Improving protection from air attack for armored formations proved to be a major concern for every combatant during World War II.
Let’s look at a British response to that concern.
This post could look a lot like the last AFV I put up, the “Wirbelwind“. Its safe to say two combatants with similar concerns came up with similar solutions.
The Crusader was a British cruiser, or cavalry, tank of the early war years. It served mainly in North Africa where it could make good use of speed to compensate for its thin armor. Early on, mainly against Italian forces, it was a capable enough tank. But when the Africa Korps arrived with bigger tanks and guns it became clear improvements were needed. And the Crusader WAS improved, by its Mk III variant it had a 57 mm anti-tank gun.
But by mid-1942 the Crusader was more equal to a Stuart or Panzer III than a main battle tank. So newer Lee and Sherman tanks became the main force. By the end of the North Africa campaign, with Tigers arriving on the scene, it was obvious the Crusader’s day had passed. This combined with the type’s mechanical unreliability led to it being phased out of armored divisions.
Crusaders did remain in service with training units in England however. When an anti-aircraft solution was sought in the build up to D-Day the Crusader platform was looked at as a good candidate. It was big enough for heavy automatic weapons, fast, and its mechanical reliability was less problematic with a good supply line (something the allies were getting much better at).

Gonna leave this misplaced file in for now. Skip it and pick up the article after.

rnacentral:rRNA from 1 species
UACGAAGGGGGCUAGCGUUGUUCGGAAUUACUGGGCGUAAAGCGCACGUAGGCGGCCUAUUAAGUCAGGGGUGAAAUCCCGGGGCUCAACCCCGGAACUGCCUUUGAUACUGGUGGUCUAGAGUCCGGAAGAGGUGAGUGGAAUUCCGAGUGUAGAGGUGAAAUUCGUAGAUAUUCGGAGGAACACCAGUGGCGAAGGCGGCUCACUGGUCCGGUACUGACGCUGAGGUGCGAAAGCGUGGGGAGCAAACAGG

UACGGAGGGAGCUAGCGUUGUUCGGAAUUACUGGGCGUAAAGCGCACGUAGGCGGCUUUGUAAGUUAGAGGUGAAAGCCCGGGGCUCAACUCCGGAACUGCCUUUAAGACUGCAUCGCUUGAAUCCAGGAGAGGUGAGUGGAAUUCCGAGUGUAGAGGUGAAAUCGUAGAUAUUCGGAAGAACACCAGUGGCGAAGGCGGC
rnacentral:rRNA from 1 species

The Crusader Anti-Aircraft Mk I carried a single 40mm gun. The Mk II switched to twin 20mm guns. Both of these types were used for training only, the improved Mk III followed the form of the Mk II pretty closely with improvements to armor and radios to make it combat ready. The Mk III was issued to British and allied armored units for the Normandy invasion, usually attached to Headquarters formations. Summer of 1944 it was quickly realized that the Luftwaffe was no longer a meaningful threat and organic anti-air defense was not a high priority. The twin 20mm was effective against any sort of soft target and that is mostly how the type was used. It was decided however it wasn’t worth the trouble of supporting the type in the field any longer and most were withdrawn, freeing up the crews for traditional tanks. Except, the 1st Polish Armored Division favored the type and used it to the end of the War.
This is from the Tamiya kit. It is an example attached to the 7th Armoured Division, better known as “The Desert Rats” because of their exploits in North Africa. The Division landed on Gold Beach on June 7, 1944 and fought across northwest Europe from there. I can’t find a date for the withdrawal of the anti-aircraft tanks but my best guess would be sometime around the breakout (Operations Goodwood and Cobra) in mid-July; I say that because that’s when the need for more traditional armor became most apparent.